Recently, I spotted a question on a mailing list asking how to move container images from an internal/build registry to a production one. To put it another way: how would you copy images from registry A to registry B? I’m going to show you a really easy way to do this with Skopeo.
The first approach is simple, and it’s what most people would do:
Pull the image from
internal.registry/myimage:latest Tag the image with
production.registry/myimage:v1.0 Push to
This works reasonably well and many people are already used to doing it with the
docker pull internal.registry/myimage:latest
docker tag internal.registry/myimage:latest production.registry/myimage:v1.0
docker push production.registry/myimage:v1.0
This approach has some downsides though:
- The user needs to have
docker installed on the system.
docker daemon needs to be started on the system.
docker daemon runs with privileges.
This approach is quite heavy for a simple operation such as copying an image from one registry to another. Suppose that all you do on a system is copying an image from the internal/build registry to the production registry. Do you really need a fully privileged docker daemon up and using resources on your system?
Skopeo is a command line tool for working with remote image registries. Skopeo doesn’t require a daemon to be running while performing its operations. In particular, the handy
skopeo command called
copy will ease the whole image copy operation. Without further ado, you can copy an image from a registry to another simply by running:
skopeo copy docker://internal.registry/myimage:latest /
The copy command will take care of copying the image from
production.registry. Notice how the tagging operation went away by specifying the desired image name for the production registry directly in the command.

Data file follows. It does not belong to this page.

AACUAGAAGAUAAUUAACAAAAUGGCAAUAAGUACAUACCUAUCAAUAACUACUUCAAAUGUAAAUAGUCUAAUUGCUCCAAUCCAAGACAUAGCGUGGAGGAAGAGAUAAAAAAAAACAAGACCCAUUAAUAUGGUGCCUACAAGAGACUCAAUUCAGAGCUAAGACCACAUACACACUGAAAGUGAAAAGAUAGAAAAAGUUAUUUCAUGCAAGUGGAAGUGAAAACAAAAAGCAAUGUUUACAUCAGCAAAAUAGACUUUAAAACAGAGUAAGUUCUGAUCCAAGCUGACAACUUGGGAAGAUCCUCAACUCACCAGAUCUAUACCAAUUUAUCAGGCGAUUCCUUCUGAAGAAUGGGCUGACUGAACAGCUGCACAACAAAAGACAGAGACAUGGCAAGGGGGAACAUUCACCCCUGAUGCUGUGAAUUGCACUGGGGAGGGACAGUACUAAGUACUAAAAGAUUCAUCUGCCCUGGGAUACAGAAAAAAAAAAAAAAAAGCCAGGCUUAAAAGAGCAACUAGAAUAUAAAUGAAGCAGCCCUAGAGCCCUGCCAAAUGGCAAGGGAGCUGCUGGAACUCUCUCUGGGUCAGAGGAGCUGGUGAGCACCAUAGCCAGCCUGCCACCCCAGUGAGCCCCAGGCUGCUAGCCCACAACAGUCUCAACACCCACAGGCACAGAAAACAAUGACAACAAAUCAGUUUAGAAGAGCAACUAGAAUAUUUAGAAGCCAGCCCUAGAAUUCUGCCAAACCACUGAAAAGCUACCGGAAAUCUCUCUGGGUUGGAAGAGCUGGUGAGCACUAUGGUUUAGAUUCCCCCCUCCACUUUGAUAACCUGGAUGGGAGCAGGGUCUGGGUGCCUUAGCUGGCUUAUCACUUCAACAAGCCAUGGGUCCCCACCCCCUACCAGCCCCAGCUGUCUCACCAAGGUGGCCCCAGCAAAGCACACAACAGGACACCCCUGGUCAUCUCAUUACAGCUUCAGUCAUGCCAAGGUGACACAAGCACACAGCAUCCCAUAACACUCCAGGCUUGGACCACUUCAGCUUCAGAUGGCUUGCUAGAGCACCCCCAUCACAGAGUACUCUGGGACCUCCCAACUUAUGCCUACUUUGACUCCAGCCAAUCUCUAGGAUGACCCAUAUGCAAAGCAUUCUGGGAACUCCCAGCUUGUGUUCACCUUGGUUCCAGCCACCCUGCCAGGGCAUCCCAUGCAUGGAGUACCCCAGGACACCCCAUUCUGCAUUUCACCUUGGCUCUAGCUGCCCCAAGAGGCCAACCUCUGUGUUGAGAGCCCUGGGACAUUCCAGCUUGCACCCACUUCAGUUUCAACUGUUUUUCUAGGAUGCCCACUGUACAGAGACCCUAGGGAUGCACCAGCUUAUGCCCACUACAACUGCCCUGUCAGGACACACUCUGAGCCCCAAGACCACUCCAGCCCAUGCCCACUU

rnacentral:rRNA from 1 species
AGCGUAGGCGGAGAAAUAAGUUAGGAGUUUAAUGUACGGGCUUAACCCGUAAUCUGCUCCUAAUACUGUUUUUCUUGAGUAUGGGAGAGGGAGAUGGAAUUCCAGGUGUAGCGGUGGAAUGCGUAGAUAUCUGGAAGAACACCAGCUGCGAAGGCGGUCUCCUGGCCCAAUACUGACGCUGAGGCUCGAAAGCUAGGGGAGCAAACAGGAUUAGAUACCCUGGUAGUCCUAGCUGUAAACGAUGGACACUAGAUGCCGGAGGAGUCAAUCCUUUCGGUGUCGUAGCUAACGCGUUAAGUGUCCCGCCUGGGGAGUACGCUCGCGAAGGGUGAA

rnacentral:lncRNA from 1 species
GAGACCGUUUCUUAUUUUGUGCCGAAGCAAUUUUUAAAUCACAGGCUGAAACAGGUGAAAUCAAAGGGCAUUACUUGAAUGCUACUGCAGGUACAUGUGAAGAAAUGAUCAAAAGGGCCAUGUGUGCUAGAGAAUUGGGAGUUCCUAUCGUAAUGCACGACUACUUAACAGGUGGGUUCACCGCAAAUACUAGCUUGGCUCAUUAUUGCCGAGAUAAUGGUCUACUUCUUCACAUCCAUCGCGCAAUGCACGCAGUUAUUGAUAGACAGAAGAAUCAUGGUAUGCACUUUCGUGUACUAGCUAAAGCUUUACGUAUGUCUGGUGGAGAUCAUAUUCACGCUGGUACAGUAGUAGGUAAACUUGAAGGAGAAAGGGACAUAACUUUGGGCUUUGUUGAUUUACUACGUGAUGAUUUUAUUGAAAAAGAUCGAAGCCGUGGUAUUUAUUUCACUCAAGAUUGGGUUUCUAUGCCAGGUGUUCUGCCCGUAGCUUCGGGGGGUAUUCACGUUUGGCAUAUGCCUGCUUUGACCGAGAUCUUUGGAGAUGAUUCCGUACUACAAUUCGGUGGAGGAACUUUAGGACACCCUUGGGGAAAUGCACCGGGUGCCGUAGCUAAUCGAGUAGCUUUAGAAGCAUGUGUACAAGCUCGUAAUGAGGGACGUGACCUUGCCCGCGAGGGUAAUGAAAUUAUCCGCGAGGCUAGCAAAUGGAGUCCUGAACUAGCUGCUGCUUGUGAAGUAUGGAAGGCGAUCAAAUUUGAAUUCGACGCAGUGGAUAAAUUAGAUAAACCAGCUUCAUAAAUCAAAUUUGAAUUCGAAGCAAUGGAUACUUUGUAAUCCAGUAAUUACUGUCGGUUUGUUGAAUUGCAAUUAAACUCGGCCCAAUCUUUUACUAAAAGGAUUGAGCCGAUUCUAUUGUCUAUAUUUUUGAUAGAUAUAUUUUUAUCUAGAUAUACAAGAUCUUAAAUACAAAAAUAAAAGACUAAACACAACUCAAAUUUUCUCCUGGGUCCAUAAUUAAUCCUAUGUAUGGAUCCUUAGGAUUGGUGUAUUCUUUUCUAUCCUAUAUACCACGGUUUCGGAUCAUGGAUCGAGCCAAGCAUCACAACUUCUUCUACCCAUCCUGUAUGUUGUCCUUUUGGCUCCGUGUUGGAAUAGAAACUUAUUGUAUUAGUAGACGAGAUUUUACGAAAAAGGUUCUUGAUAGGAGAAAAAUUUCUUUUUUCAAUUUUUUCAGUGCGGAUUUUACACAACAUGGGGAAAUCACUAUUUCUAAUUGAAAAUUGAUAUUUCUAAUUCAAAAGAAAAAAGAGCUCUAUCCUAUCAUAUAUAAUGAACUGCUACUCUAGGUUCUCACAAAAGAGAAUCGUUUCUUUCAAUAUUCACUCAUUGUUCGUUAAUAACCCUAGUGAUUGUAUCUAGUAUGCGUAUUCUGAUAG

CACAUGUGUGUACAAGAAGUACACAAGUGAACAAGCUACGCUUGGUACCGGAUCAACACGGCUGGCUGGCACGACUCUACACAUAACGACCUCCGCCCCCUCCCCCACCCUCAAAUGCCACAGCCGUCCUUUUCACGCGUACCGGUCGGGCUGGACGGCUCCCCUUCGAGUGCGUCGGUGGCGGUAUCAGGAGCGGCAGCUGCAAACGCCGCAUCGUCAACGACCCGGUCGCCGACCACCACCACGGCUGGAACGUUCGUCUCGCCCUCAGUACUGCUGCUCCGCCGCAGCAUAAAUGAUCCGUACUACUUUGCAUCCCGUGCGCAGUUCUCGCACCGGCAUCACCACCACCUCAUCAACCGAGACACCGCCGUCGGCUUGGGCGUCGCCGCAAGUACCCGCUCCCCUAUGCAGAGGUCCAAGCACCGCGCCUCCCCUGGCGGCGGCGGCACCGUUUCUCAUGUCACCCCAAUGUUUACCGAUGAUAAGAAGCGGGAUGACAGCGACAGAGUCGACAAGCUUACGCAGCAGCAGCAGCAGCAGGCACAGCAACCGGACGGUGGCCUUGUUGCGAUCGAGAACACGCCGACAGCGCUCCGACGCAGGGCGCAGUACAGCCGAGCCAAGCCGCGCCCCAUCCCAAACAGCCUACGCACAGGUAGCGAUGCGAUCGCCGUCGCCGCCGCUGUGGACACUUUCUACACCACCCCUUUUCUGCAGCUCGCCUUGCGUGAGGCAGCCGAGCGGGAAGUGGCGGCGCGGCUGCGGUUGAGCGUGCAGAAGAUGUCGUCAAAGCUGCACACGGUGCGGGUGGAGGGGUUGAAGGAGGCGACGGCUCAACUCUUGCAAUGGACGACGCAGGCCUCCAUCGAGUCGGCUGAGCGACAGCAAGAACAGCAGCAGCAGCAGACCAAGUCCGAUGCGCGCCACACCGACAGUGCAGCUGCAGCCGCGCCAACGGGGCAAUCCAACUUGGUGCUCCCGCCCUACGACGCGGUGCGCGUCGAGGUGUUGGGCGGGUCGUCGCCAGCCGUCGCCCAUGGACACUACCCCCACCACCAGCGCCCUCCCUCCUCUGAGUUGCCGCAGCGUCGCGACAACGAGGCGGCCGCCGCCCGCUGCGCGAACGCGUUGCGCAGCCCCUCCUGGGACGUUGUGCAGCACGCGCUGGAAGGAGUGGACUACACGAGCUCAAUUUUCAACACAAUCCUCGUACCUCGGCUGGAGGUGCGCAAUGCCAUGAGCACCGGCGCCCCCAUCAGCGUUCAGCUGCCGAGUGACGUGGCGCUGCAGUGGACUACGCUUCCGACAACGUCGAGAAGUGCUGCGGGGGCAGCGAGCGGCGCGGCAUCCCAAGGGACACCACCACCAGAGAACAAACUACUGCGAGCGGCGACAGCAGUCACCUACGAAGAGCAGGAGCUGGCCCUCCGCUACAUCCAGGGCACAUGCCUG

Say your production registry requires credentials to login in order to push the image,
skopeo can handle that as well:
skopeo copy --dest-creds prod_user:prod_pass docker://internal.registry/myimage:latest /
The same goes for credentials for the source registry (
internal.registry) by using the
Afterwards, on your production machine, you can simply pull the image with
$ docker pull production.registry/myimage:v1.0
Beyond remote registries
skopeo copy isn’t limited to remote containers registries. The image prefix
docker:// from the above commands define the transport to be used when handling the image.
You may have guessed the
docker:// transport is for remote docker registries, but there are others:
You can work with any of them, and use them to copy containers from one format to another.
Skopeo is open source software available on GitHub. It is also available in Red Hat Enterprise Linux as of version 7.2.6 in the Extras Channel and the
In addition to copying images, Skopeo also lets you sign images, inspect images and more, all with a very small presence on your machine. You can find more information on
skopeo on the
README.md on GitHub and you can also refer to
skopeo -h and
skopeo copy -h.